‘I thought this site was about autism, not gender’ said one irate visitor to my page after I posted a meme about gender diversity and autism earlier this year. In fact, the way I see it, if you are talking about autism you need to be talking about gender diversity too. Recent research shows that autistic people are 7.5 times more likely to be trans and gender diverse than the general population. That is a lot of trans autistic people! Anecdotally that statistic is borne out in my own experience. I know a lot of other autistics who are non-binary, Trans, Genderqueer and many other gender identities. I also know a lot of autistic people who have non-heterosexual sexualities.
I am a non-binary autistic person and I love my identity and being able to be who I am. I had no language for my gender until quite recently but when I came out and embraced that side of myself then it was a huge liberation.
Autism sites and groups which were in the past the exclusive domain of cis gendered women are now being rebranded to be inclusive of trans and gender diverse perspectives which is a very good and very necessary thing. I am going to be editing a new LGBTQIA+ topic called The Pride Page on the Spectrum Women site. I am delighted to have this opportunity to share different perspectives from LGBTQIA+ autistic authors. (And if you want to know what the letters stand for, they are Lesbian, Gay, Bi, Trans, Intersex, Queer and Asexual. The plus sign is for anyone who doesn’t identify as cis gender or heterosexual but whose identity is not included in the preceding letters. This includes people who are questioning their identity.
There are some key concepts which I would like to unpack around gender diversity and sexuality. There are four main elements which relate to gender and sexual attraction. A diagram called the Genderbread Person is a great place to find out more about these concepts if you want to look it up. Briefly, the elements which relate to gender, sexual attraction and biological sex are:
- Gender identity – This relates to how you feel about your gender (identities are things like Trans, non-binary, cis gender ) Gender diversity describes when people do not identify as the same gender as the one recorded on their birth certificate / that they were assigned at birth.
- Gender expression – This relates to how you outwardly express gender, such as the sorts of clothes you wear. You do not need to wear traditionally ‘masculine’ clothes in order to identify as a man. It is good practice not to assume a person’s gender identity based on their gender expression. For example, I am very strongly aligned as non-binary but my expression is sometimes viewed as traditionally feminine. This does not mean I am a woman. A good rule of thumb is that however a person identifies is their identity.
- Sexual attraction – This relates to who you find sexually attractive (such as being gay, lesbian, hetero, pansexual, asexual etc.) This is a separate thing to gender identity and gender expression. Within this heading is a consideration around romantic interest as well. The objects of romantic attraction and sexual attraction can be different.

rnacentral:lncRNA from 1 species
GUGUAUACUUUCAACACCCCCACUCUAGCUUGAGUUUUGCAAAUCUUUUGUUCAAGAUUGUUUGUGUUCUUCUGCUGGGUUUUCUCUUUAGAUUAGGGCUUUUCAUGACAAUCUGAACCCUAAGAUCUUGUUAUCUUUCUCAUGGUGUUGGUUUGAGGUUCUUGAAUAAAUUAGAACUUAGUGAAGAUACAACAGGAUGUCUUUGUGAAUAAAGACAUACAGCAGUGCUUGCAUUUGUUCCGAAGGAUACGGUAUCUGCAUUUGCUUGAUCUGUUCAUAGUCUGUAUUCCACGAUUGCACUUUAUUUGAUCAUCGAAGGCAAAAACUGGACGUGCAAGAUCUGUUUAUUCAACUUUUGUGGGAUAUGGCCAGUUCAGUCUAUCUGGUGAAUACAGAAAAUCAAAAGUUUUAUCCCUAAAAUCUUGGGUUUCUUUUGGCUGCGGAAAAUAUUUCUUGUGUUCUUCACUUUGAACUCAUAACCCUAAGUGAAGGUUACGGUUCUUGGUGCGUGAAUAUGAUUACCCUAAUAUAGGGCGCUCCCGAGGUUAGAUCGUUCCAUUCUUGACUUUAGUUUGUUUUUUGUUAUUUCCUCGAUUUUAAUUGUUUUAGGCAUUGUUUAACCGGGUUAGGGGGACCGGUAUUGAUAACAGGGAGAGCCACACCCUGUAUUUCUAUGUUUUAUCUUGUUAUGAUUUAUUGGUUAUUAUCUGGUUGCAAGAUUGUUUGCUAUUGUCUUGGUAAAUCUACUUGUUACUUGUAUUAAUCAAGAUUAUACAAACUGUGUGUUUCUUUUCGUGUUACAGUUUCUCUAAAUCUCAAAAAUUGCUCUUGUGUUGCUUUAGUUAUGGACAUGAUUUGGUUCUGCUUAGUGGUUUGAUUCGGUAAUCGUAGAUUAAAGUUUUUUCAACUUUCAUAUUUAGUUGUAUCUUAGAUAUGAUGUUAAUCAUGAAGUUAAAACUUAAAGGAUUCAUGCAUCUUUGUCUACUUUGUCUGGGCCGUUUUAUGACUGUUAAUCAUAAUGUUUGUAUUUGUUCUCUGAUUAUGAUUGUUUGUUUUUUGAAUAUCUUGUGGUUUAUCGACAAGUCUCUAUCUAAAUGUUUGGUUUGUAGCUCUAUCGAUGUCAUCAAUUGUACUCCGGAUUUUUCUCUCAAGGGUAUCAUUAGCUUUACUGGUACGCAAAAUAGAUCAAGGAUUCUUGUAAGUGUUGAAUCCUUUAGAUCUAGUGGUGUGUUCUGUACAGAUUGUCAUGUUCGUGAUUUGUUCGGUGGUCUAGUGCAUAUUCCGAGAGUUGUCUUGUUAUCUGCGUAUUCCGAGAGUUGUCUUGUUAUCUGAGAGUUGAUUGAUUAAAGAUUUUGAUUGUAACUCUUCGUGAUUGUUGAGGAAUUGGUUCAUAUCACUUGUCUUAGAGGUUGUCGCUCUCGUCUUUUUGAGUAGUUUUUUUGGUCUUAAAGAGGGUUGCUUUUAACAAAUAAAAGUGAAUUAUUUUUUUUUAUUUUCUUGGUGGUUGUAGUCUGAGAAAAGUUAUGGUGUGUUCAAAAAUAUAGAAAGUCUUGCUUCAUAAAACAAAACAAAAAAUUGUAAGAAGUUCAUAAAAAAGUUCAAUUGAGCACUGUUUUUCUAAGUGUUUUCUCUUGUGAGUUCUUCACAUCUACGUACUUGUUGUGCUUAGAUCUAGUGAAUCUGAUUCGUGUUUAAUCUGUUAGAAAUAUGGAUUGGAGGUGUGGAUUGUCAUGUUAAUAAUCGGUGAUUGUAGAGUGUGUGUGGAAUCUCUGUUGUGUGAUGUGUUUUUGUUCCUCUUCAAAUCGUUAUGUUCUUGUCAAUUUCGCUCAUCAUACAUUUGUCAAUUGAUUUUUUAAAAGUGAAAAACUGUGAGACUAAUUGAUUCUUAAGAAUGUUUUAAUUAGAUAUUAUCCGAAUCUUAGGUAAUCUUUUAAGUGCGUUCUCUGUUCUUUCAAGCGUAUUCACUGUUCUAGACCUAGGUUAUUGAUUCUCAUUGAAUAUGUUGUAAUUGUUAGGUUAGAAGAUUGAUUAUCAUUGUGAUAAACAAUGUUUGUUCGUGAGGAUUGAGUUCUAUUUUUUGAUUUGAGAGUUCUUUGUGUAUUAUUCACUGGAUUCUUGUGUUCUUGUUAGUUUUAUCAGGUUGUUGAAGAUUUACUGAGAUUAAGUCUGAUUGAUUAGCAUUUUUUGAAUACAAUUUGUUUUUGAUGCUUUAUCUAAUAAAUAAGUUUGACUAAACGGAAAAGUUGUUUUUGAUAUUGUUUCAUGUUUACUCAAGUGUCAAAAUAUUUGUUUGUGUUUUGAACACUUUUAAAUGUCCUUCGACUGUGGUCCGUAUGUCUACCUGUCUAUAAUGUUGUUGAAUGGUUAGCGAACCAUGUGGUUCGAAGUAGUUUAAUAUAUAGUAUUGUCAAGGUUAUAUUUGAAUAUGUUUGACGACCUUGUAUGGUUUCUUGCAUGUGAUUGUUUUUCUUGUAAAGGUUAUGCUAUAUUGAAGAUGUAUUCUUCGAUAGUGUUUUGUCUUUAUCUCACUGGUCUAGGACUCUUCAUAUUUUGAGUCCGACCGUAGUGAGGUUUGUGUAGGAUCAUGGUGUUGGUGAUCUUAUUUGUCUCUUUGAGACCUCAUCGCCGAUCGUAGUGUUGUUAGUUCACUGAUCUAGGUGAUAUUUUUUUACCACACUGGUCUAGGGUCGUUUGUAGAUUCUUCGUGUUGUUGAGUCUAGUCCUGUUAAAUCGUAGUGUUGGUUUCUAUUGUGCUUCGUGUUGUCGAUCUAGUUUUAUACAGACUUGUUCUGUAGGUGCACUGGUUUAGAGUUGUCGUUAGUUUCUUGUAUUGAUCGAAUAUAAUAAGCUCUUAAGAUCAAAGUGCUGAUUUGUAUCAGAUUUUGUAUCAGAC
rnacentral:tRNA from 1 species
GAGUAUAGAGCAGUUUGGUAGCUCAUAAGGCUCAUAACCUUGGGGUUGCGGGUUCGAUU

- Biological sex – This relates to the biological sex characteristics you have – vagina, penis, particular hormones etc. It is important to note that body parts themselves do not have a gender and you can be any gender identity and expression with any biological sex characteristics.
These four elements are all distinct things which exist independently. For example, you can be cis gendered and gay. It is important to not conflate these four elements around sex, sexuality and gender as they are very separate things. This is a good lens through which to understand gender diversity, sexuality and related concepts.
There are some particular considerations around gender diversity and sexuality for autistic people. There are the unhelpful myths that we are all cis gendered and either asexual or heterosexual. This is a long way from the truth but is a persistent stereotype. Autistic people can struggle to access medical interventions to help them transition / affirm gender as they may be considered less credible around their need to transition due to being autistic and the ableism of some clinicians. This is often highly damaging to a person’s mental health, not to mention an unethical practice by medical professionals. LGBTQIA+ autistic people can be dismissed and invalidated in all walks of life.
Despite this – or maybe because of this LGBTQIA+ autistic people often have a strong identity and sense of pride in who we are. Recent social changes have meant that different gender identities are defined and that inclusive cultures have sprung up to support and promote pride. There is still a very long way to go but pride is a good thing.
I am delighted to be editing this topic on the Spectrum Women page as all autism sites need to include LGBTQIA+ voices. I intend for this topic on Spectrum Women to contribute to making positive change. I look forward to sharing articles from a great group of autistic authors who are LGBTQIA+. I hope you find this topic helpful, enlightening and empowering, however you identify.
 ‘Cis gender’ simply means the same gender as you were assigned at birth. It comes from a Latin term meaning ‘on the same side as’.
About Yenn Purkis
Yenn Purkis (formally Jeanette) is an author, presenter, autism advocate and community leader. Yenn is the author of six published books on elements of autism and has contributed to a large number of journals, books and websites. Yenn is a presenter and facilitator and regularly gives keynote presentations including at the 2013 TEDx Canberra conference. Yenn is a member of a number of committees and reference groups and is has a number of awards for leadership in the community, including the 2016 ACT Volunteer of the Year.